As back in India Indo-US Nuclear Deal had made big news, I was amazed not to find any coverage in US media. Ultimately, I found ‘Business Week to carry a report, ‘Wall Street Threatens India Nuclear Pact’.
However, in a recent special report, ‘The new champions’ in Economists, Indian companies got its glorious share as ‘companies that are worth investing in, and that are even starting to take on and beat the best of the developed world’s multinationals.
Antoine van Agtmael’s book “The Emerging Markets Century” includes Infosys, an Indian software giant; and Ranbaxy along with Haier, a Chinese white-goods firm; Cemex, a Mexican cement company; and Embraer, a Brazilian aircraft-maker.
“Globality”, a new book on the latest phase of globalization by the Boston Consulting Group (BCG) includes the Tata Group, an Indian conglomerate that spans cars and steel, software and tea along with Goodbaby, which has an 80% share of the market for baby buggies in China and a 28% share in America.
Tata has operations in 85 countries, and has been making a series of high-profile acquisitions that are fundamentally transforming the company set up in 1868. In 2000 it bought London-based Tetley, an iconic tea company. In 2007, after a fierce bidding war with CSN, a Brazilian steel firm, it paid $12 billion for Corus, a European steel company. In March this year it paid Ford $2.3 billion for two legendary car businesses, Jaguar and Land Rover. Short-term market pressure may have forced Ford to sell two firms that it had done good work restructuring, says Alan Rosling, Tata’s (British) chief strategist: “Tata will reap the benefit of all Ford’s hard work.”
Another reason to be optimistic about Tata’s growing global reach is its Indian origin, which makes it more sensitive to cultural differences than many of its peers in developed countries, claims Mr Rosling. And in its strategy, the firm has benchmarked itself against some of the world’s best companies. It has borrowed ideas from firms such as Warren Buffett’s Berkshire Hathaway, Mitsubishi, a Japanese conglomerate, and GE, says Mr Rosling.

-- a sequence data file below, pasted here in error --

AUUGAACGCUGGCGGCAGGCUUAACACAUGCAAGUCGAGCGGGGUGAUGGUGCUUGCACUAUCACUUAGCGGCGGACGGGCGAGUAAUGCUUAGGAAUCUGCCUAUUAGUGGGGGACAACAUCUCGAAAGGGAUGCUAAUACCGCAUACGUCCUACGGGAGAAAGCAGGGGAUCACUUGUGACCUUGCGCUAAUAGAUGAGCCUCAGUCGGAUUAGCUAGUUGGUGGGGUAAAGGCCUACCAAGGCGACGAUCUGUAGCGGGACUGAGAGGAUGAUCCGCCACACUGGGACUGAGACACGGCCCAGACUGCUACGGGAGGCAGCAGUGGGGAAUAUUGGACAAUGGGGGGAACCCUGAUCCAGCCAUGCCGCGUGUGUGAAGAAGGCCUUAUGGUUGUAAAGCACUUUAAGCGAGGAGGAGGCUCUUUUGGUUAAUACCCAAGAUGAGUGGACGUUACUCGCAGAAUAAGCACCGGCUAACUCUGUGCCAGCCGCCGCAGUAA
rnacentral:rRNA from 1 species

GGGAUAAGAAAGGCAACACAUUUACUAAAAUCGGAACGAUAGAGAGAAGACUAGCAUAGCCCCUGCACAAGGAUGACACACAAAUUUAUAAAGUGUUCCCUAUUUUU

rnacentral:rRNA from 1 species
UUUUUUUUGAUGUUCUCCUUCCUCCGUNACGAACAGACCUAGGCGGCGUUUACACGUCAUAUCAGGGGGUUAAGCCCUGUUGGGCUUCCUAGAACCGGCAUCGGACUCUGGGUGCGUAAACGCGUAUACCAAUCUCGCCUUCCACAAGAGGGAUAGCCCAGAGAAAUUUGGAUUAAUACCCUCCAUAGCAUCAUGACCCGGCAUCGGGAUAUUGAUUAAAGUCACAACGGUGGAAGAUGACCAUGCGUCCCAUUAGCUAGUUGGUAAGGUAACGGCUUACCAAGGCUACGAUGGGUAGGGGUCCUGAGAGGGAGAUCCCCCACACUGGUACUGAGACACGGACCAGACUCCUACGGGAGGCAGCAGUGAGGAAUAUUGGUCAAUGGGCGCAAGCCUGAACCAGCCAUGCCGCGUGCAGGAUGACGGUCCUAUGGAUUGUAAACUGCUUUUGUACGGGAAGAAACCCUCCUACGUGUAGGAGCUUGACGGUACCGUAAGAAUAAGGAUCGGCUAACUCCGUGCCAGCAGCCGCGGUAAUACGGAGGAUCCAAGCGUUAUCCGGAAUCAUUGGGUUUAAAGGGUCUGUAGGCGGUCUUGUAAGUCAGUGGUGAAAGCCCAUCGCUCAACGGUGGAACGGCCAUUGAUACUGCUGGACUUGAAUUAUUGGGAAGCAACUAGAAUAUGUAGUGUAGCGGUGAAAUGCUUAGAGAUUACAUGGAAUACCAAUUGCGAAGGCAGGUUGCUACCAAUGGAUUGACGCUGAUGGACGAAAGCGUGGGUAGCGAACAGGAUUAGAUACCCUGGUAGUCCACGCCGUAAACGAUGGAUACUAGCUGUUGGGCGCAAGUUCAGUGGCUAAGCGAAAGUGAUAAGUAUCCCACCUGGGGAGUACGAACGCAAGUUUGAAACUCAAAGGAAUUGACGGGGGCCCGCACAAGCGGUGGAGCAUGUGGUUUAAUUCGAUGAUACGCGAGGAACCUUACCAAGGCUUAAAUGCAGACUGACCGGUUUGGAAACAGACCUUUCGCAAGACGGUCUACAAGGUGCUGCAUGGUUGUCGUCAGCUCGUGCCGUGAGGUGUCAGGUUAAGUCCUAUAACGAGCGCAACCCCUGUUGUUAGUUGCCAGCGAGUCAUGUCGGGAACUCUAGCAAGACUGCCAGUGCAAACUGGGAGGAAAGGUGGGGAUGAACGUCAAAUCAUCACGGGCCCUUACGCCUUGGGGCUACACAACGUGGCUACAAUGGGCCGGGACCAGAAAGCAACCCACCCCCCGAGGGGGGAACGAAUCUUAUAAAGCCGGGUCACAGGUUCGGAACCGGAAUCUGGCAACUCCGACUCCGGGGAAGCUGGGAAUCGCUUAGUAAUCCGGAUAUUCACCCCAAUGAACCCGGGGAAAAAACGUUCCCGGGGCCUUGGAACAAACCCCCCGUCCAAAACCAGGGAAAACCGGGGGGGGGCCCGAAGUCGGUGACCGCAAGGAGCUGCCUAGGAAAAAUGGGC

Tata Consulting Services, along with Indian counterparts such as Infosys and Wipro, has built up a large organization for outsourcing business processes, serving companies around the world. Increasingly, it has moved into higher-value businesses, as have its Indian peers.
In January it unveiled its long-awaited Nano, a new “people’s car” that will be sold for just $2,500. This was “not just the result of using cheap Indian engineers”, says Mr Rosling. Nor is it about accepting lower standards on safety or environmental emissions. The company used state-of-the-art virtual design technology and global teams to drive genuine innovation. Mr Tata saw the Nano as a safer alternative for Indian families currently travelling by motorcycle, but consumers in developed countries are already talking of it as a possible second car for use in towns because, being small, it is easy to park. Still, the Nano will probably sell best in other emerging markets.
Unfortunately Mamta can’t understand or applaud these champions.
It was also interesting to go through the entry,’ Is Innovation India’s Next Big Thing?‘ by Marianne Kolbasuk McGee on Wipro.
Wipro is currently “the largest third-party R&D services company in the world,” according to an interview this week with InformationWeek and “R&D is the next big thing in India.”
Many NRIs are doing great work for the improvement that has global impacts through from USA. One of them is Vinod Khosla,who is one of the clean-tech industry’s most vocal cheerleaders, and most of today’s clean technologies fall short of his 1-billion-car test. .
What Indian companies are doing gets noted and recognized with respect in the developed world all around the globe. And that is the only hope for India. Even with all the undoing of Indian hardheaded politicians such as Mamta Devi by delaying Nanos, and inaction of Man Mohan government to sort out the issues of land acquisition for industry in last 4+ years, India may move ahead to the league of powerful economies of the world.